So, this guy is basically forking out £4,000 when he’s not going to church. Consider the fact that you can be fined from the age of 16. Imagine being a 16-year-old and trying to find the equivalent of £4,000 a month – you’re going to struggle a little bit. So, some Catholics at that point, known as the ‘Papists’ or the ‘Church Papists’, did attend the Church of England service, but they would often try to do anything to not to hear what was going on in that service. So, one man was known to plug his ears with wool. One lady was known to spit the bread out on the floor and tread on it. Some of them would leave their hats on etc. Afterwards, they would then go to houses, such as Harvington Hall, and hear Mass there, which was illegal.

Sarah:
Well, we’re going to explore those priest holes and hear much more about the Catholic history of the house in a moment, but we have now come into the central courtyard and there is what appears to be the entrance range behind me and on my left, there’s the main block. Was this how it originally looked?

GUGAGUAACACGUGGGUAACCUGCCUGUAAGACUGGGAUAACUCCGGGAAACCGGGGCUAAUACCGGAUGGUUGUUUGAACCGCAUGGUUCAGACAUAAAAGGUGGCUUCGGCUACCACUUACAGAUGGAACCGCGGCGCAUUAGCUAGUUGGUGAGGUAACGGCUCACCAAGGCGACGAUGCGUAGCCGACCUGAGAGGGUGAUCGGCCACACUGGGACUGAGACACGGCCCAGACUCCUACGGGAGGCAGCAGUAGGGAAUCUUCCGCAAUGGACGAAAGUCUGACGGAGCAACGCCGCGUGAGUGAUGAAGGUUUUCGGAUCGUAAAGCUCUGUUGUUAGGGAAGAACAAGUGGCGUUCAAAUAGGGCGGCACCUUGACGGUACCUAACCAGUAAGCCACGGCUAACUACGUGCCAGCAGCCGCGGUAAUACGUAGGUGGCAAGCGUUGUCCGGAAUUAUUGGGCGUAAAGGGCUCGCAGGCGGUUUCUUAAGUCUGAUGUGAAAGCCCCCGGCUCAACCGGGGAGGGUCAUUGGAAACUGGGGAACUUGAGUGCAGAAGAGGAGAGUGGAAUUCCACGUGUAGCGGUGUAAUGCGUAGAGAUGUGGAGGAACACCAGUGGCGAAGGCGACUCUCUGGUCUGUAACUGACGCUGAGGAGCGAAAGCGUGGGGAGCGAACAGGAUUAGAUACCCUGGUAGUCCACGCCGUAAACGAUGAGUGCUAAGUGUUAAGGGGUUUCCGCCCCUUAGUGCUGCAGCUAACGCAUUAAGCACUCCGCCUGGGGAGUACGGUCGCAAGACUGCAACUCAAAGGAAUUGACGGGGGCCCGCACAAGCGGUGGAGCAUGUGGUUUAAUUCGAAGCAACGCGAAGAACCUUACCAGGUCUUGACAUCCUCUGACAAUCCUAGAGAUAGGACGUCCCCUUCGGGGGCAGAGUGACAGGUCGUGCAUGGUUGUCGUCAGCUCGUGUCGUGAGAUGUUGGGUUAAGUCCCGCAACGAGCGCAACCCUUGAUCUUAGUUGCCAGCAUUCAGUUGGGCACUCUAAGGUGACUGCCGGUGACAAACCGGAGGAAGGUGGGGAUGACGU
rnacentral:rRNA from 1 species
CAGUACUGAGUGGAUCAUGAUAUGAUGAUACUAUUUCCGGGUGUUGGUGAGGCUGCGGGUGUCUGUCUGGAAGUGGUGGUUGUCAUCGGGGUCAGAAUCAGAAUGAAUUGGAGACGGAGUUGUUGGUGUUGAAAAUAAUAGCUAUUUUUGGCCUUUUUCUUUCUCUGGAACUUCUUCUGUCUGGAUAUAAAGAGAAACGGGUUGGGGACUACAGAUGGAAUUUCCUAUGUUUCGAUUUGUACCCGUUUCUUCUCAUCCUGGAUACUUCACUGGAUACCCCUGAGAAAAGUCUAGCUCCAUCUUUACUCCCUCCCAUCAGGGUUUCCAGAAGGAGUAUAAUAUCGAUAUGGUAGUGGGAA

Phil:
As you rightly said, you walk in through under the gateway room and into the courtyard. You have the main building on the left. In front of you, you can see a brick wall and trees on the other side of it. However, in those days you would have had a building directly in front of you. We think that this was probably the great hall with a long gallery above, alongside the family bed chambers. While the tower to our left survives, there would likely have been another building directly opposite that on our right. This measn we would have been standing in a courtyard which was surreounded by four ranges: a typical single courtyard house

However, this particular courtyard would have probably been very dark, because the surviving tower is a tall building, comprising effectively of four storeys. So, yes, in around 1600 it would have been very dark in here but we know the house was definitely finished in 1595; at the time, it became known as ‘Humphrey’s Mansion House of Harvington’.

Figure of a priest in Elizabeth dress kneels in front of a Catholic altar
One of the rooms in the hall, decorated with Elizabethan wall paintings

Sarah:

Let’s now talk a little more about the history of religion in England at the time; a history in which Harvington Hall is so inextricably entwined. Can you tell us a little bit about that and how there came to be so many priest holes here?